Personal Welfare deputyship applications: I have a... - Mencap

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Personal Welfare deputyship applications

Pogul44
Pogul44

I have a brother in his 50's who has severe learning disabilities, lacks capacity and lives in a small residential care home for people with learning disabilities. The past few years have been a headache due to problems with the care he has received at two separate care homes in two different local authorities.

Our father and I would like to apply for the Personal Welfare deputyship to ensure that we have input. Dad already has the Property and Financial Affairs deputyship.

I know this deputyship is supposed to be difficult to obtain and a challenge in the High Court about whether the Court of Protection has interpreted the Mental Capacity Act 2005 Code of Practice correctly did not succeed as many had hoped.

If any of you have made an application for this deputyship it would be useful to know what reasons you gave for both successful and unsuccessful applications.

Thanks for any info.

6 Replies
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I can do this ...! > SA <

I can't give any advice, but have downloaded the forms to become a Deputy for my son and will be interested in the replies you receive. Hope you get the help and outcome that you want :)

Pogul44
Pogul44
in reply to SamCJ66

Hi SamCJ66,

I came across a couple of posts on other threads on this subject where people mentioned they were going to be making an application but did not post how they got on although it varied between 2 years and 11 months ago. If I receive any replies from them I will post them on this thread too. Fingers crossed X.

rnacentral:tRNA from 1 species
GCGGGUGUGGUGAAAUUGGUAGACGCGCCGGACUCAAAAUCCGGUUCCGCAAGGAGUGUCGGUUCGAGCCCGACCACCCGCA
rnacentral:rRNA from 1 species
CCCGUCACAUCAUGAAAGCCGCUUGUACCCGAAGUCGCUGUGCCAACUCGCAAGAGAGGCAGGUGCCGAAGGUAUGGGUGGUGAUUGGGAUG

Hi Pogul44

In 2013 my partner sucessfully applied for both Deputyships for her son Jack. The circumstances were a bit different; Jack was born with athetoid cerebral palsy, microcephaly, global developmental delay etc, and he was later certified as lacking capacity. With Jack approaching 18, his mum had a 100% success rate of appealing against Local Authority (LA) decisions regarding Jack's education that she felt were not in his best interests, over many years. She felt that, reaching adulthood, the LA may have even less regard for her views than it had had previously, and so wanted the 'weight' of being his Deputy alongside being his Mother to get the right outcomes for her boy.

She argued that, far from the Court Of Protection (COP) view that issues and decisions regarding individuals lacking capacity are 'one-off', in her experience it had been more a process of continuous discussion and negotiation with the LA over many years, in fact since Jack was 2. She forecast that there would need to be multiple court appearances to return for decisions and that since the LA worked to tight timescales, this might predjudice a proper consideration of all the evidence being given.

So we put in all the paperwork for both Deputyships, I have to confess that at that time I was unaware of this alleged difficulty in obtaining the Personal Welfare Deputyship. The matter was considered by the COP and the judge came back with a lengthy request for a Personal Statement from Jack's Mum addressing a number of issues and previous cases. We did the personal statement and addressed the issues of:

1 Pressing decisions that needed to be made for Jack

2 Why a court order appointing her as Jack's Deputy was necessary

3 Why it is that it may be necessary to return to COP in the future, for multiple decisions regarding Jack if no Deputy was appointed

4 There were various sections of the Mental Capacity Act 2005 that the judge ordered should be addressed, which we did

5 The Code of Practice Chapter 8 requires Deputies to show that they have the necessary skills to carry out the role, and that they want to do it, and again these issues were addressed

6 Finally there was a one specific case in law mentioned by the judge which we were able to show was not relevant in Jack's case

The result was that the COP did grant both Deputyships to my partner in March 2014.

Tragically, in October 2015 Jack's mum died suddenly. She had fortuitously nominated me to take on the Deputy role, in the original application, should she no longer be able to do it, so I put in place two Deputy Applications in my own name. These were granted in April 2016; it was much easier second time round!

I think the key issues for you would be

a What issues are looming that require decisions on behalf of your brother

b Why you and your dad would be best placed to take decisions on behalf of your brother rather than decisions being taken by COP